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Canada 150


      Un momento with Terri Favro

      Apr. 14, 2017

      Terri FavroTerri Favro is producing some of the most exciting writing in Canada today. Her work masterfully pushes the boundaries of genre to provide such a satisfying ride for all readers who are ready to enjoy the journey. She’s the author of three novels: Sputnik’s Children (ECW), Once Upon A Time in West Toronto (Inanna), and The Proxy Bride, winner of the Ken Klonsky-Quattro Books Novella Award. She also collaborates on the Bella graphic novel series, published by Grey Borders. So buckle your seatbelt, grab one of her books, and hang on!

      Where did you get the idea for your novel, Sputnik’s Children?

      Three times in my life, I thought I was about to be killed by nuclear bombs. The first time was during the Cuban Missile Crisis, which started on my sixth birthday. I remember the church parking lot next door to our house jammed with cars, even though it wasn’t Sunday, because people were flocking to church to pray. My older sister said she wasn’t going to bother studying for a big exam because what was the point if we were all going to die anyway? I really did think we were goners.

      The second time was in grade 10, in 1972, when Nixon launched the nuclear test at Amchitka Island in the Aleutians: Greenpeace was founded over this incident. As part of a consciousness raising exercise, the student council and principal of my high school in St. Catharines broke into the announcements one morning a few days after the test detonation, and announced that dead radioactive birds had washed up on the coast of Siberia and the Soviet Union had launched ICBMs (intercontinental ballistic missiles) at first-strike targets in North America which of course included Niagara Fall hydro station, only about twenty miles away from us. The principal announced started listing the emergency busses we were all supposed to take home so we could die with our families. This went on for about five minutes until they told us it wasn’t real: they just wanted us to experience what it would feel like to be in a nuclear war. That was genuinely scary (and can you imagine what would happen to a school council that tried to do that today?) Different era.

      The third time was April 20, 1986 at about 2 a.m. on my wedding night. Seriously. My husband Ron and I were staying in a small inn on the Niagara River in the historic village of Queenston, below Queenston Heights Park where we’d had our reception. There had been a lot of geopolitical tension that month because President Reagan had bombed Libya, killing one of Omar Kaddafi’s sons, and no one really knew whether the Libyans “had the bomb” – it was in the news a lot. Anyway, that night, Ron and I are lying in bed and all of a sudden an air raid siren goes off. It was unbelievably loud. Because the whole Niagara area was a first strike target, I’d been raised to believe that if they dropped the bomb, we’d be the first to go. Muscle memory from all my childhood air raid drills kicked in: I jumped out of bed and started yelling at Ron to get dressed so we could drive out of the area. Ron looked out the window and observed that no one else in the town seemed to be reacting. The next morning we found out that the air raid siren had gone off in Lewiston, New York, to summon the volunteer fire department. While we were on our honeymoon in Cape Breton, we heard the sirens used there for the same purpose! Ironically, on our flight home, I picked up a newspaper on the plane and the headline was about the accident at the Chernobyl nuclear plant in Ukraine.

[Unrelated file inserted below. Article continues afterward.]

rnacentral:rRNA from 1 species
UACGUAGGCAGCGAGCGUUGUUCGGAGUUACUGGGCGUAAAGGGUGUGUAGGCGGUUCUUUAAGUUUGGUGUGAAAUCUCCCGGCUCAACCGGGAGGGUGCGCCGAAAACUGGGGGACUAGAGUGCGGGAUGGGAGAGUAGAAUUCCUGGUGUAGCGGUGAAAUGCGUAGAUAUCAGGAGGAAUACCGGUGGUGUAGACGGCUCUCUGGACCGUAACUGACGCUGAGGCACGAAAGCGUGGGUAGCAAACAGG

Needless to say, I wrote about all this. The resulting essay, “Snapshots of a Cold War Childhood”, was a series of memories about growing up in the shadow of the bomb, which I anchored to different years by using the type of camera that my father would have been using at the time. The flip side of the long play record of the cold war was the space race, which seemed to promise that if the bomb was dropped, we’d be able to go live on the moon. The piece was published by the U.K. literary journal, The Red Line, in 2013.

      In the fall of that year, I had a little bit of money from being shortlisted for a CBC literary prize in creative non-fiction, which Ron and I used to rent an RV and go for a hiking trip at Lake Superior Provincial Park. I decided on that trip to turn my cold war piece into a full-length book. At first, I was planning to write it as a non-fiction book, but it struck me that it would be more interesting to do it as fiction so that I could draw on all the metaphors and myths that grew out of the cold war period – from sci-fi books and shows, to superhero comic books. And so Sputnik’s Children was born.

      How would you describe this novel? Is it dystopic, sci-fi, magic realism? Or does it even matter what kind of writing label it gets?

      I would describe it as a cross-genre book: literary fiction meets science fiction. I don’t mean to imply that science fiction can’t be literary, but Sputnik’s Children doesn’t easily fall into the genre sci-fi category. It has dystopian elements too. I think the territory it inhabits is the same one as Emily St. John Mandel’s Station Eleven and Margaret Atwood’s dystopian novels, like Oryx and Crake.

      Was it difficult to describe the Atomic Age to people who have never grown up without the Internet?

      I think that millennials are familiar with many of the tropes and metaphors of the Atomic Age from shows like Futurama and many, many Hollywood movies. Not to mention to the Internet itself! Bomb shelters, air raids, mushroom clouds – I think this have all become a part of pop culture, so I don’t think a young adult would be confused by them, anymore than a child of the TV age (e.g., me) was puzzled by the stories about the two world wars.

      What was your writing process like? Did you write your novel daily?

      As I mentioned earlier, I started the novel while I was on a hiking trip. We had an RV so I brought along my laptop, and I’d work for a couple of hours, then we’d hike. (This shows up in one chapter of the novel, too.) I often do quite a lot of writing while travelling or staying in hotels (shades of the main character in Sputnik’s Children!)